Making America Accessible
From his wheelchair, Kevin McGuire leads the charge| From Alumni Notes | By Amy Laskowski. Video by Robin Berghaus
Kevin McGuire (CAS’83), an attorney and an ADA consultant, shows how Gillette Stadium has been made accessible for people with mobility, sight, and hearing impairments. Photo by Cydney Scott
Kevin McGuire remembers when wheelchair users could enter a building only through the service entrance, when those who were blind didn’t go to the movies, and those who were deaf could never enjoy the opera.
McGuire (CAS’83), CEO of McGuire Associates, a consulting firm specializing in compliance with federal and state disability laws, has made it his life’s work to see that venues around the country are accessible to all. And that “all” includes him; McGuire is paralyzed from the waist down.
“I know accessibility laws probably better than anyone else in this country,” says McGuire, sitting in his custom-made titanium wheelchair. “It’s meaningful for me. When I have people come up to me because they had a great experience at a Broadway show or a baseball game, I feel good knowing that I had a big part in making their experience so great.”
McGuire has worked with almost every major arena, stadium, ballpark, and concert venue in the country, and Gillette Stadium, in Foxborough, Mass., is one of his favorites. It was important to the Kraft Group, he says, that the stadium, built in 2002 and home to the New England Patriots, exceed all requirements set by the Americans with Disabilities Act (ADA) of 1990, a civil rights law that prohibits discrimination based on physical or cognitive disability. The act requires, in part, that public venues provide van-accessible parking, assisted listening devices, and American Sign Language interpreters.
Kevin McGuire has made it his life’s work to see that facilities around the country, such as Live Nation concert venues and the White House Visitor Center, are accessible to everyone. Photo by Lisa Polucci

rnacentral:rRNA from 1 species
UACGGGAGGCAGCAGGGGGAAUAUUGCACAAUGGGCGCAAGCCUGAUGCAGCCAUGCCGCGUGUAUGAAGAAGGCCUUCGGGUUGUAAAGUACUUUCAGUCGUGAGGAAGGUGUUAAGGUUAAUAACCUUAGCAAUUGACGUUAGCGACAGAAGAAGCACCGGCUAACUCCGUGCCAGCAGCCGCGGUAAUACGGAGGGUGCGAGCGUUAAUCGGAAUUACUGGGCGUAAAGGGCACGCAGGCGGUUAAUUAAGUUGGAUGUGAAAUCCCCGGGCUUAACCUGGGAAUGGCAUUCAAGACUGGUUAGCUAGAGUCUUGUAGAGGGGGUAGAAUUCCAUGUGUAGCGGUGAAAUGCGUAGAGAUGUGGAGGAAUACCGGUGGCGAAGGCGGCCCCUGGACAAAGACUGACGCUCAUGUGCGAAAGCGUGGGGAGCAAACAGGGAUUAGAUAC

At Gillette, McGuire oversaw full compliance with ADA regulations, which includes accessible restrooms, concession stands, and telephones, and captioning and game description. He also helped train the stadium’s 3,000 employees to assist disabled guests.
McGuire, 50, was paralyzed at age 7, when he was hit by a drunk driver. After earning a bachelor’s in history and political science at BU’s College of Arts & Sciences, McGuire went on to Georgetown Law. He served on BU’s Board of Trustees from 1982 to 1983.
In the late 1980s, working as an assistant district attorney in New York’s Bronx County district attorney’s office, McGuire saw a newspaper ad inviting people in wheelchairs to try out for the Oliver Stone film Born on the Fourth of July, a true story of a paralyzed Vietnam veteran who becomes an antiwar activist. McGuire landed the role of a disabled veteran who protests along with the lead character, played by Tom Cruise. He also taught Cruise how to use a wheelchair.
After the Americans with Disabilities Act became law, McGuire knew there would be a need for consultants, and he founded McGuire Associates in 1991. Since then, his company has worked for 200 clients, including most of the country’s national sports teams, Live Nation concert venues, the White House Visitor Center, the Kodak Theatre in Los Angeles, and Boston’s Symphony Hall. He advises on a range of issues, including policy, procedures, and training of employees, and he works as a liaison with government agencies.
McGuire says that while making public spaces accessible is the law, it’s also smart business. The number of Americans over the age of 65 will jump from 40 million in 2010 to 70 million by 2030.
“The older this country gets, the more disabled it becomes,” he says. “There are people with these disposable incomes who aren’t being reached out to. They’re used to going to restaurants, going to the movies, and they don’t want to stop going just because their vision is fading.”